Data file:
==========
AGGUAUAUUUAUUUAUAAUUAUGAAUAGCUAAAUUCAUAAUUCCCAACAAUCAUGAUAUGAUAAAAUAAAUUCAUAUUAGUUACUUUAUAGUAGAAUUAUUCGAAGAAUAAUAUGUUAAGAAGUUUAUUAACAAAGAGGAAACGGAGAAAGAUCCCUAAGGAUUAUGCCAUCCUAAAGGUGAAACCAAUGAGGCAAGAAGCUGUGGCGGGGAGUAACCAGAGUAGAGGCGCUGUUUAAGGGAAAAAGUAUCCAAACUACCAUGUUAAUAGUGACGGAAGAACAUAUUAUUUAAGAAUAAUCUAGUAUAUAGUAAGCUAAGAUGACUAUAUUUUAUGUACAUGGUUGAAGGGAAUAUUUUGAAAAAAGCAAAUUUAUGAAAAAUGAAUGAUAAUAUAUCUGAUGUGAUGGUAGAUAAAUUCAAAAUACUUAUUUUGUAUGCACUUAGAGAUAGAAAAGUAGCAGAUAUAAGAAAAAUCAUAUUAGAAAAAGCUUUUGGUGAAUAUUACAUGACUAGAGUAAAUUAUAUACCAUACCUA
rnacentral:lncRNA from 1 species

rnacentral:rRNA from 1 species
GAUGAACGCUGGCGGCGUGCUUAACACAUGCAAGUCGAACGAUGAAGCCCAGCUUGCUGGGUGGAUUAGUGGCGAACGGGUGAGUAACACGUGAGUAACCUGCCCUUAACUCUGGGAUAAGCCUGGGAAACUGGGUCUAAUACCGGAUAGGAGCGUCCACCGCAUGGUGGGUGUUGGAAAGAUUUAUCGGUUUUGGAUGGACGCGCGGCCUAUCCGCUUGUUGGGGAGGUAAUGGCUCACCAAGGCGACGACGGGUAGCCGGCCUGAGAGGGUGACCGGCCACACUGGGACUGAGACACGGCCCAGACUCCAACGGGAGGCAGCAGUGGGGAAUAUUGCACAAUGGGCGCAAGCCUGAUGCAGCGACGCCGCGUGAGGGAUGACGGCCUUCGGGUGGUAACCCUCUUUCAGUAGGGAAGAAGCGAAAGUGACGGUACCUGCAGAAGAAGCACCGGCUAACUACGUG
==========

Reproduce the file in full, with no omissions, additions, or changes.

AGGUAUAUUUAUUUAUAAUUAUGAAUAGCUAAAUUCAUAAUUCCCAACAAUCAUGAUAUGAUAAAAUAAAUUCAUAUUAGUUACUUUAUAGUAGAAUUAUUCGAAGAAUAAUAUGUUAAGAAGUUUAUUAACAAAGAGGAAACGGAGAAAGAUCCCUAAGGAUUAUGCCAUCCUAAAGGUGAAACCAAUGAGGCAAGAAGCUGUGGCGGGGAGUAACCAGAGUAGAGGCGCUGUUUAAGGGAAAAAGUAUCCAAACUACCAUGUUAAUAGUGACGGAAGAACAUAUUAUUUAAGAAUAAUCUAGUAUAUAGUAAGCUAAGAUGACUAUAUUUUAUGUACAUGGUUGAAGGGAAUAUUUUGAAAAAAGCAAAUUUAUGAAAAAUGAAUGAUAAUAUAUCUGAUGUGAUGGUAGAUAAAUUCAAAAUACUUAUUUUGUAUGCACUUAGAGAUAGAAAAGUAGCAGAUAUAAGAAAAAUCAUAUUAGAAAAAGCUUUUGGUGAAUAUUACAUGACUAGAGUAAAUUAUAUACCAUACCUA
rnacentral:lncRNA from 1 species

rnacentral:rRNA from 1 species
GAUGAACGCUGGCGGCGUGCUUAACACAUGCAAGUCGAACGAUGAAGCCCAGCUUGCUGGGUGGAUUAGUGGCGAACGGGUGAGUAACACGUGAGUAACCUGCCCUUAACUCUGGGAUAAGCCUGGGAAACUGGGUCUAAUACCGGAUAGGAGCGUCCACCGCAUGGUGGGUGUUGGAAAGAUUUAUCGGUUUUGGAUGGACGCGCGGCCUAUCCGCUUGUUGGGGAGGUAAUGGCUCACCAAGGCGACGACGGGUAGCCGGCCUGAGAGGGUGACCGGCCACACUGGGACUGAGACACGGCCCAGACUCCAACGGGAGGCAGCAGUGGGGAAUAUUGCACAAUGGGCGCAAGCCUGAUGCAGCGACGCCGCGUGAGGGAUGACGGCCUUCGGGUGGUAACCCUCUUUCAGUAGGGAAGAAGCGAAAGUGACGGUACCUGCAGAAGAAGCACCGGCUAACUACGUG